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Discussion Starter #1
Gents,

We have been having an involved discussion about casebacks of Zenith El Primero ref A 386 over on the italian forum. This was started by an experienced member asserting that all A 386 with smooth casebacks (as opposed to casebacks with the four-pointed "NATO" star) are fakes, known to him to be assembled in Italy in recent years. This was challenged, and caused me to review the database I have been keeping.

It resulted in the following post (Ref. A386: Zenith "contatori sovrapposti" a 3 colori - page 15), which I reproduce in its entirety here. Spillman is the case manufacturer for the A 386 and other El Primeros.

First, very important not to consider casebacks from other El Primero references. It confuses matters.

Second, SP 1205 is the only correct Spillman number for the A 386

Third, by using caseback numbers, I find clearly three production groups

Again, from my database (14 examples total):

Type A
Early production series
3 examples
- case numbers 538Dxxx - 539Dxxx
- plain caseback
- internal inscription as follows
a) Zenith
b) Swiss made;
c) Acier inoxidable;
d) no Spillman number
The writing is centered



Type B
Middle production series
4 examples
- plain caseback
- case numbers 707Dxxx - 708Dxxx
- internal inscription as follows:
a) Zenith;
b) Swiss made;
c) Acier inoxidable;
d) SP 1205 (Spillman number)
The writing is centered



Type C
Late production series
6 examples
- Caseback with four point star (NATO star)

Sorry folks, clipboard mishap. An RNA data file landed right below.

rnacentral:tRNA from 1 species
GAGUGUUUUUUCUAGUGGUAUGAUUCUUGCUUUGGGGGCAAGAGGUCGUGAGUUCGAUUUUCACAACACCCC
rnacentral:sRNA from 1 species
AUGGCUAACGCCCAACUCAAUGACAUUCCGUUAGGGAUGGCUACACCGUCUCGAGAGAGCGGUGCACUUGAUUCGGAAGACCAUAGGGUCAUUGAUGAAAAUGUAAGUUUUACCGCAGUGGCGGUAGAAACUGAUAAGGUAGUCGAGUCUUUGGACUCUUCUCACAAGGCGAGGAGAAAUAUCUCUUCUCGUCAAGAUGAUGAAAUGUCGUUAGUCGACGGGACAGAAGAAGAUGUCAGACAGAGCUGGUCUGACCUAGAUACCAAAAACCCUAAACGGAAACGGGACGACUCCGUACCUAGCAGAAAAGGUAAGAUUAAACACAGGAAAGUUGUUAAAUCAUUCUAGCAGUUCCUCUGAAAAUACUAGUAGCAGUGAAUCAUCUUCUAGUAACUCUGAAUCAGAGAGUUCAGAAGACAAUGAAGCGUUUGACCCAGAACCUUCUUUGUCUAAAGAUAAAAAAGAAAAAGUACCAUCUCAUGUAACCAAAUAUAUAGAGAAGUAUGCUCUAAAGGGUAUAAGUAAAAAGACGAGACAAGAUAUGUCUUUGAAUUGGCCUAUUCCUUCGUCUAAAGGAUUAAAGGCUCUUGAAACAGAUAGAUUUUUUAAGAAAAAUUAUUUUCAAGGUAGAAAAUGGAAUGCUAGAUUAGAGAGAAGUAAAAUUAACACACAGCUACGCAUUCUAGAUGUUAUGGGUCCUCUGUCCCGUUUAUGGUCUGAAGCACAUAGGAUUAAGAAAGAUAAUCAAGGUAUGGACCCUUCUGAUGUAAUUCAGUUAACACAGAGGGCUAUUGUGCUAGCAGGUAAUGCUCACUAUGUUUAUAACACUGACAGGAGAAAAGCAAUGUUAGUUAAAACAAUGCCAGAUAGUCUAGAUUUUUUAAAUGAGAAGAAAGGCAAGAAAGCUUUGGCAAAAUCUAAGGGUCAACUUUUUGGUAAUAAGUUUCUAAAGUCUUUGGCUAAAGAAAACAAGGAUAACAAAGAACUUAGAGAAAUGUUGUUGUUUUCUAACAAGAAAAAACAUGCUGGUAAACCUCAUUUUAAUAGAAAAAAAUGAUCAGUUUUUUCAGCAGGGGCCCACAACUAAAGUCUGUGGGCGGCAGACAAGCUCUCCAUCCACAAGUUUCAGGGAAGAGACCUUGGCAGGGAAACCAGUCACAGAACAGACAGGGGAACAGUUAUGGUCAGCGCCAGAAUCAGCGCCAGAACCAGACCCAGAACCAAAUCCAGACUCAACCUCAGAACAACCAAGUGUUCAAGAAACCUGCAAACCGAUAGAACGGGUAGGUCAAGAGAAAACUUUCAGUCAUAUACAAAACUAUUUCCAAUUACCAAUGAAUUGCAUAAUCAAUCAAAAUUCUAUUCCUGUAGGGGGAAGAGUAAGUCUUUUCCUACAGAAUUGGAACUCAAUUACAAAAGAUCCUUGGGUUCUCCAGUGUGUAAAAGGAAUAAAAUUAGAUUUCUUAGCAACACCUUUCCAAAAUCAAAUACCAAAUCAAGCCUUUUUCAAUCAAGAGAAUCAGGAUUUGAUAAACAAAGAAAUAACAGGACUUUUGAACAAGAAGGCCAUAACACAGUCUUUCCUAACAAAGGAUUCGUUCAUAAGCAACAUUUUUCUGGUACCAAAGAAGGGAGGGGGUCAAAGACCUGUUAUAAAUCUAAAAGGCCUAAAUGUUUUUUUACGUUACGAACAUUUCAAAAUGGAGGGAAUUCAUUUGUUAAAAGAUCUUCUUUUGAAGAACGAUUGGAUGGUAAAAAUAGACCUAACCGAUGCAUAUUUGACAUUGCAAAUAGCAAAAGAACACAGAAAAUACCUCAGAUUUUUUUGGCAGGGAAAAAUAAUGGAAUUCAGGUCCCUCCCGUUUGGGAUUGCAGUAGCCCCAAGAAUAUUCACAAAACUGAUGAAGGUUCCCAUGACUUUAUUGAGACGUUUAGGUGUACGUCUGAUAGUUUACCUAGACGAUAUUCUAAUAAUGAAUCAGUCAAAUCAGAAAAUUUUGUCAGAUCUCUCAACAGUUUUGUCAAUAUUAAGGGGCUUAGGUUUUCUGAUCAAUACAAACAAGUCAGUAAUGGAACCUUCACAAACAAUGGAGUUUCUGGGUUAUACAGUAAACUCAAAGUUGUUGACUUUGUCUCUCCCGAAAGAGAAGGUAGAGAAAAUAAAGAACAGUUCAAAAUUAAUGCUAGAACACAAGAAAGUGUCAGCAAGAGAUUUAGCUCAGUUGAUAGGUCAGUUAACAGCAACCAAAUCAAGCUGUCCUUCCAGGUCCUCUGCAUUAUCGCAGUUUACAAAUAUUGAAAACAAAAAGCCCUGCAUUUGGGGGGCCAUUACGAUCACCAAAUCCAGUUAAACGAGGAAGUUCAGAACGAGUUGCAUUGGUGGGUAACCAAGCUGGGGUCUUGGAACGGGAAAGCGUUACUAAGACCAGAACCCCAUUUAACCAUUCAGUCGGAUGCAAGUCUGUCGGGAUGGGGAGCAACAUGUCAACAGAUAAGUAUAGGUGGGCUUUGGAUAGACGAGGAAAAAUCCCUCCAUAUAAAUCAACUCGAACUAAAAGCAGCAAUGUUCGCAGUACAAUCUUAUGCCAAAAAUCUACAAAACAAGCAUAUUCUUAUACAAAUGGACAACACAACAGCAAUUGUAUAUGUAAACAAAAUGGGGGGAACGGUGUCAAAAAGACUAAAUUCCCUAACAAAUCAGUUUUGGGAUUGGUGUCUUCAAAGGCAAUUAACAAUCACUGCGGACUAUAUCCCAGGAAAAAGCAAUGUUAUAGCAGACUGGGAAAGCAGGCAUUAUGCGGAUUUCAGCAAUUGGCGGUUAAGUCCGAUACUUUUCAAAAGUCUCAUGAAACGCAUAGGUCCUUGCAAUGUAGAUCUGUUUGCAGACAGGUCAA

- case numbers
861Dxxx-862Dxxx
922Dxxx-923Dxxx
231Exxx-233Exxx
- internal inscription as follows:
a) Zenith;
b) Swiss made;
c) Acier inoxidable;
d) SP 1205
The writing is arranged circumferentially




The incorrect watches, which I believe to be forged as longinespassion has stated, have correct casebacks, but they are incorrect for the case number
In addition, case numbers lie outside of known production series, typically in the mid 900Dxxx range (922 & 923D are authentic). Dials tend to be modern-style service dials as discussed elsewhere on this forum.

for example, serial 936D460 - Type B caseback



Friend Nicola1960 has summarized the above in a nifty table:



I hope this will be of some use to members....
 

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Thanks very much for posting that - very interesting! It just goes to show the phenomenal detail you have to go into to be sure that every bit of your vintage watch is original. Not really worth it on a bog standard, no name brand with generic ETA/AS/FHF movement - but certainly worth it on a Zenith Vintage El Primero. And even more so on a vintage Patek or Vacheron.....

Hartmut Richter
 

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The incorrect watches, which I believe to be forged as longinespassion has stated, have correct casebacks, but they are incorrect for the case number
In addition, case numbers lie outside of known production series, typically in the mid 900Dxxx range (922 & 923D are authentic). Dials tend to be modern-style service dials as discussed elsewhere on this forum.